US8124218Sep 9, 2009Feb 28, 2012California Institute Of TechnologyMicrofabricated elastomeric valve and pump systems
US8129176Aug 5, 2009Mar 6, 2012California Institute Of TechnologyIntegrated active flux microfluidic devices and methods
US8163492Aug 17, 2010Apr 24, 2012Fluidign CorporationMicrofluidic device and methods of using same
US8220487Nov 1, 2007Jul 17, 2012California Institute Of TechnologyMicrofabricated elastomeric valve and pump systems
US8220494Aug 10, 2004Jul 17, 2012California Institute Of TechnologyMicrofluidic large scale integration
US8247178Oct 14, 2009Aug 21, 2012Fluidigm CorporationThermal reaction device and method for using the same
US8250877Nov 14, 2008Aug 28, 2012Cooligy Inc.Device and methodology for the removal of heat from an equipment rack by means of heat exchangers mounted to a door
US8252539Oct 8, 2007Aug 28, 2012California Institute Of TechnologyMicrofabricated crossflow devices and methods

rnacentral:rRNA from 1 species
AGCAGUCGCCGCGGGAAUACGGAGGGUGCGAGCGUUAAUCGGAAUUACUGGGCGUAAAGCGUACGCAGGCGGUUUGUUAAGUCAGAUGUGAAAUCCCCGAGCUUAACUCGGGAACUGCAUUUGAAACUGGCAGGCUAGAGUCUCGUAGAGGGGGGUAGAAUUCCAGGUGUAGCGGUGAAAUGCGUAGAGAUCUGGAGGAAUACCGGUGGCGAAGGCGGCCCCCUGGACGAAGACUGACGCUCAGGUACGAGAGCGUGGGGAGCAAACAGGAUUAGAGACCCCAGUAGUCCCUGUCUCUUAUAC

US8257666Feb 8, 2012Sep 4, 2012California Institute Of TechnologyIntegrated active flux microfluidic devices and methods
US8273294Jun 30, 2006Sep 25, 2012Honeywell International Inc.Molded cartridge with 3-D hydrodynamic focusing
US8273574Feb 14, 2011Sep 25, 2012California Institute Of TechnologyApparatus and methods for conducting assays and high throughput screening
US8282896Oct 5, 2009Oct 9, 2012Fluidigm CorporationDevices and methods for holding microfluidic devices
US8323564Dec 22, 2006Dec 4, 2012Honeywell International Inc.Portable sample analyzer system
US8329118Sep 2, 2004Dec 11, 2012Honeywell International Inc.Method and apparatus for determining one or more operating parameters for a microfluidic circuit